Uncategorized | November 21, 2008
Tom Trusky at the Idaho Center for the Book in Boise has assembled another great issue of the ICB newsletter. The October 2008 issue, “Gem State Laurels,” is devoted to profiles of the state’s poet laureate program which, in the early 1980s, morphed into the position of writer-in-residence. Idaho’s first poet laureate was Irene Grissom, appointed to the honorary lifetime position in 1923 and Sudie Stuart Hager, who served from 1949-1982.
In 1982, then-Governor John Evans appointed a panel to select a new laureate. The panel instead advised the Governor to select a writer-in-residence. The WIR, according to the newsletter story by Chris Lewis, “would be appointed for a term of only two years but would be paid $5,000 annually [$10,000 total] and would be required to give 12 public readings.” He or she could be a writer of poetry, fiction of non-fiction, and must live in the state but didn’t have to be Idaho born-and-bred. In 1998, budget cuts caused the WIR term to be increased to three years with a stipend of $8,000.
So, since 1984, Idaho’s had a great line-up in this position: Ron McFarland, Robert Wrigley, Eberle Umbach, Neidy Messer, Daryl Jones, Clay Morgan, Lance Olsen, Bill Johnson, Jim Irons, Kim Barnes and Anthony Doerr. That’s a lot of talent.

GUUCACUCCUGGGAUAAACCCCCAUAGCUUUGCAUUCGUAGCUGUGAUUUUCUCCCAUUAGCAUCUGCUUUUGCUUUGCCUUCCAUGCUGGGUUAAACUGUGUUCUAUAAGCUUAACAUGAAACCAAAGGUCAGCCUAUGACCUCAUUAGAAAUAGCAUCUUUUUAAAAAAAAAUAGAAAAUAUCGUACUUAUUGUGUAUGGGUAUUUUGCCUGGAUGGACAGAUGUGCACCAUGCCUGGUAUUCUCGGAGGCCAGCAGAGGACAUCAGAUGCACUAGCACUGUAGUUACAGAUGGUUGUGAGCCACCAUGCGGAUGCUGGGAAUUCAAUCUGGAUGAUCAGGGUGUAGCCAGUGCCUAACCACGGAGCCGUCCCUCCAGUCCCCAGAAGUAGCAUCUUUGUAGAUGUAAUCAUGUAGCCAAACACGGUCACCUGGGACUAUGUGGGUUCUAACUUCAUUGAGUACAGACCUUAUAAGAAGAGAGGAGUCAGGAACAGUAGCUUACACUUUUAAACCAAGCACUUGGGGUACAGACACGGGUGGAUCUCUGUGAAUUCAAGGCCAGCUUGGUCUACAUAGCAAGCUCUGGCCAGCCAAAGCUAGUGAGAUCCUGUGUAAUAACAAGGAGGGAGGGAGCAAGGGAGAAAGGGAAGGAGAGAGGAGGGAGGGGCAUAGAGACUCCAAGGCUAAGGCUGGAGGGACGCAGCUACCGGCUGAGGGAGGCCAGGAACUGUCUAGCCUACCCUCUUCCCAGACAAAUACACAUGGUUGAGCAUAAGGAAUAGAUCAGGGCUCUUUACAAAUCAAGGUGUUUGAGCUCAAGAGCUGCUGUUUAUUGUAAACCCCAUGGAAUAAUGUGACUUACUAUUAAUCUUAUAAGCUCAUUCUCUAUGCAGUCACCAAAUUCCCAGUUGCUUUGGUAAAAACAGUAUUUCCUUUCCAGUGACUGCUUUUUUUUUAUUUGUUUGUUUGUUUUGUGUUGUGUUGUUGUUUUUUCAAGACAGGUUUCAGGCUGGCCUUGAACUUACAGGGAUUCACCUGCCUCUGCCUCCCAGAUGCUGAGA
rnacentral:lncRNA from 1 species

The October ICB newsletter also arrived with an insert, “Neighboring Laurels,” that explores poet laureate-style positions in Idaho’s neighboring states. Washington has the newest program, appointing Samuel Greene its first poet laureate in 2007. He’ll serve a two-year term and receive a $10,000 stipend. Montana started its program in 2005 under Gov. Brian Schweitzer. Sandra Alcosser served the first two-year (unpaid) term and Greg Pape will serve until 2009. Oldest poet laureate position in the region? A tie between Idaho and Oregon with beginnings that go back to 1923. Oregon’s 2006-2008 poet laureate is Lawson Fusao Inada.
Wyoming’s on the list, too (last, as always). Our poet laureate position goes back to 1981 when Gov. Ed Herschler appointed Peggy Simson Curry. In Wyoming, the poets are unpaid and serve “at the pleasure of the Governor,” which usually means eight years. Poet laureate under Gov Dave is Poet Dave — David Romtvedt of Buffalo — who is the first in this honorary position to have a budget. The 2008 state legislature approved a $5,000 annual project budget, which means it goes to fund travel, readings, workshops, etc., conducted by David R. It’s not a salary. This fall, David spent some of the funding on touring high schools for readings and talks to promote Wyoming Poetry Out Loud.
Chris Lewis compiled all this useful info for the Idaho Center for the Book newsletter. He contacted wyomingarts for the background info on Wyoming. If appears to be accurate, but if you find any errors, blame Idaho.
Meanwhile, you might want to snag a copy of the publication. It’s chock full of information and pleasant to look at. You also might want to take a gander at the October 2007 issue with its all-calligraphy layout. For more info, go to the ICB web site at http://www.lili.org/icb.